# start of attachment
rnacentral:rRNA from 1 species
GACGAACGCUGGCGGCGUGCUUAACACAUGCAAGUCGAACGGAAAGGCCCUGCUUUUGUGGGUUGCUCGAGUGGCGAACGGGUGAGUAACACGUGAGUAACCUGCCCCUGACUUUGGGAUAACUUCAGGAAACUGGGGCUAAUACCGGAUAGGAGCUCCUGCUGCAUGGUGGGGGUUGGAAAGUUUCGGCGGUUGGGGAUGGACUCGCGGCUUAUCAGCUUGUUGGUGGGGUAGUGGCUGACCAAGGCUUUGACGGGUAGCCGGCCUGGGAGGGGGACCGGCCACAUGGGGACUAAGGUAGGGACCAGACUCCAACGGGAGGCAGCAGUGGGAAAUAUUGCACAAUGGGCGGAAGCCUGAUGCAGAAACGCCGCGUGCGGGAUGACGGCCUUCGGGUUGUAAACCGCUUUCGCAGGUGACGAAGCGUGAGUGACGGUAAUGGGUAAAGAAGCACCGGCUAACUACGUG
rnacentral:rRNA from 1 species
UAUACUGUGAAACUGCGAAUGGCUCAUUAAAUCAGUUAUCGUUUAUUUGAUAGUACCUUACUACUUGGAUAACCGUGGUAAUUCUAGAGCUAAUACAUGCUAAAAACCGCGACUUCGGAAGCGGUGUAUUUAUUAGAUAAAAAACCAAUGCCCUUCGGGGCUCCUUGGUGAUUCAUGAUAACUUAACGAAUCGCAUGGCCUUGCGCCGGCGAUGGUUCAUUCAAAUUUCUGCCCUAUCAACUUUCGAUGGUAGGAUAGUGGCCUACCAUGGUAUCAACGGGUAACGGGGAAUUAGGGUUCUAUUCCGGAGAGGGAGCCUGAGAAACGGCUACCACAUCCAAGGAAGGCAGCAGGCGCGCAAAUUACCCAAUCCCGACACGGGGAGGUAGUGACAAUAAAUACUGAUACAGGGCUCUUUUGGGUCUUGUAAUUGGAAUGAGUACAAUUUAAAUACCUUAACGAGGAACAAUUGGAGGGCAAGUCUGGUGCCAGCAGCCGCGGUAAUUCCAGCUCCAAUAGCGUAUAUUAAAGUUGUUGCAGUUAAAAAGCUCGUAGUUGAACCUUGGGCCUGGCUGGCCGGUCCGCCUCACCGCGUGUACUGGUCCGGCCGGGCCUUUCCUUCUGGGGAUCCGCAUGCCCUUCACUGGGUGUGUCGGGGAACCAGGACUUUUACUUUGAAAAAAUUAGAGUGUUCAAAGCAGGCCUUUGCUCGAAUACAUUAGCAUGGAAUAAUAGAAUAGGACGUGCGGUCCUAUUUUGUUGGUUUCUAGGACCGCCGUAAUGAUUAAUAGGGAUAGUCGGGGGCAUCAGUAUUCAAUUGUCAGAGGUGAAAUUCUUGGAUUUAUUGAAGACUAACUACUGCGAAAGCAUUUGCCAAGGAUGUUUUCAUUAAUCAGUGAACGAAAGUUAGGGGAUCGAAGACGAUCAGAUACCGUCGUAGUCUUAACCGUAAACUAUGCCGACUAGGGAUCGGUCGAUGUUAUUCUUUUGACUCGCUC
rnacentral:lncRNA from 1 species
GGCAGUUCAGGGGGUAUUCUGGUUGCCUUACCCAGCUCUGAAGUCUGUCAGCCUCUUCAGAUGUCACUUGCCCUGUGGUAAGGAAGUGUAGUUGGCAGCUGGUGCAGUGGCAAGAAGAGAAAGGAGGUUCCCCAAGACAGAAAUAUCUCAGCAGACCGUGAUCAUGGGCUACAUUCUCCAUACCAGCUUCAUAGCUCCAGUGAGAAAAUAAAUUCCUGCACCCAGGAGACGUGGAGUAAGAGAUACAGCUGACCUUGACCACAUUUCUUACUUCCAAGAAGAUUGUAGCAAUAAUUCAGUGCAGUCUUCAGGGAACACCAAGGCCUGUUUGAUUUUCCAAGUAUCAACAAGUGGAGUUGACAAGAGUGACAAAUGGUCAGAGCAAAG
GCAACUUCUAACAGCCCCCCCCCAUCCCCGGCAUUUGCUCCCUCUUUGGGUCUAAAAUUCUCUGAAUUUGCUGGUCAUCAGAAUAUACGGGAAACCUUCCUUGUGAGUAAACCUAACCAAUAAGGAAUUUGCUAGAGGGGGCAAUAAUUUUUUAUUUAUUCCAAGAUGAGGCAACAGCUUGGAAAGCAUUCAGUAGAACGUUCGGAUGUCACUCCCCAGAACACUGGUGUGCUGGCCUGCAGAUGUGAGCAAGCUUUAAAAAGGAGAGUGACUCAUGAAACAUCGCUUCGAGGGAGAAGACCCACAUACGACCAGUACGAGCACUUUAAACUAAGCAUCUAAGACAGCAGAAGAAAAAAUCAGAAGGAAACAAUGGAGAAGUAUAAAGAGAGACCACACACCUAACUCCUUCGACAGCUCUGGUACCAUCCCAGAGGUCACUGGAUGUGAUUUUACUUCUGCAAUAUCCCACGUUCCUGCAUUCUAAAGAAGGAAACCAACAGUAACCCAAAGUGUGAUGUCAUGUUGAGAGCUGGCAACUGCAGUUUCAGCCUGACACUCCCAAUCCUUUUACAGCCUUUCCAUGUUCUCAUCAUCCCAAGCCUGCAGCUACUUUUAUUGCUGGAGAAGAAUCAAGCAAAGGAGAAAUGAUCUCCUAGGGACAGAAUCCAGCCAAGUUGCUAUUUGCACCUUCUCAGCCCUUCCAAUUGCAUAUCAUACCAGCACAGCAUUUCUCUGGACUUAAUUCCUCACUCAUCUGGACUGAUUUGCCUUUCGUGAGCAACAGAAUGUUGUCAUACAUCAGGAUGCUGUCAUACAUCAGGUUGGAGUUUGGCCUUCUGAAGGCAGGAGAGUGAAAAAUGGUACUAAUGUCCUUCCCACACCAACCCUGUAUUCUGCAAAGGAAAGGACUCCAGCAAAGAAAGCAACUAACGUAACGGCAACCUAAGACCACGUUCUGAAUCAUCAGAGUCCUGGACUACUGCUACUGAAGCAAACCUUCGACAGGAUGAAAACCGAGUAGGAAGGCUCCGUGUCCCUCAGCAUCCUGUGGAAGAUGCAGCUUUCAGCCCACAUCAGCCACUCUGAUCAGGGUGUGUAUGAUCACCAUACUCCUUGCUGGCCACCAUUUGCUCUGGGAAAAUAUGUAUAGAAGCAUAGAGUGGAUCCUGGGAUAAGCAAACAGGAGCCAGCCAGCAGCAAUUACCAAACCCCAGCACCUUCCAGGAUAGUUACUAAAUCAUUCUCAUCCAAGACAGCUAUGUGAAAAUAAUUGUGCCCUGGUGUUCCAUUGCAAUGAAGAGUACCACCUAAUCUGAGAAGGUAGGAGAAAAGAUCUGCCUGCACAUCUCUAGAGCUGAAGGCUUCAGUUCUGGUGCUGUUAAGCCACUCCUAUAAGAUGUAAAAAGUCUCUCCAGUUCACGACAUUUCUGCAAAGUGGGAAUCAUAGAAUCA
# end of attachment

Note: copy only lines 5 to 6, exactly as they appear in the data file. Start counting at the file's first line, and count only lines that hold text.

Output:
rnacentral:lncRNA from 1 species
GGCAGUUCAGGGGGUAUUCUGGUUGCCUUACCCAGCUCUGAAGUCUGUCAGCCUCUUCAGAUGUCACUUGCCCUGUGGUAAGGAAGUGUAGUUGGCAGCUGGUGCAGUGGCAAGAAGAGAAAGGAGGUUCCCCAAGACAGAAAUAUCUCAGCAGACCGUGAUCAUGGGCUACAUUCUCCAUACCAGCUUCAUAGCUCCAGUGAGAAAAUAAAUUCCUGCACCCAGGAGACGUGGAGUAAGAGAUACAGCUGACCUUGACCACAUUUCUUACUUCCAAGAAGAUUGUAGCAAUAAUUCAGUGCAGUCUUCAGGGAACACCAAGGCCUGUUUGAUUUUCCAAGUAUCAACAAGUGGAGUUGACAAGAGUGACAAAUGGUCAGAGCAAAG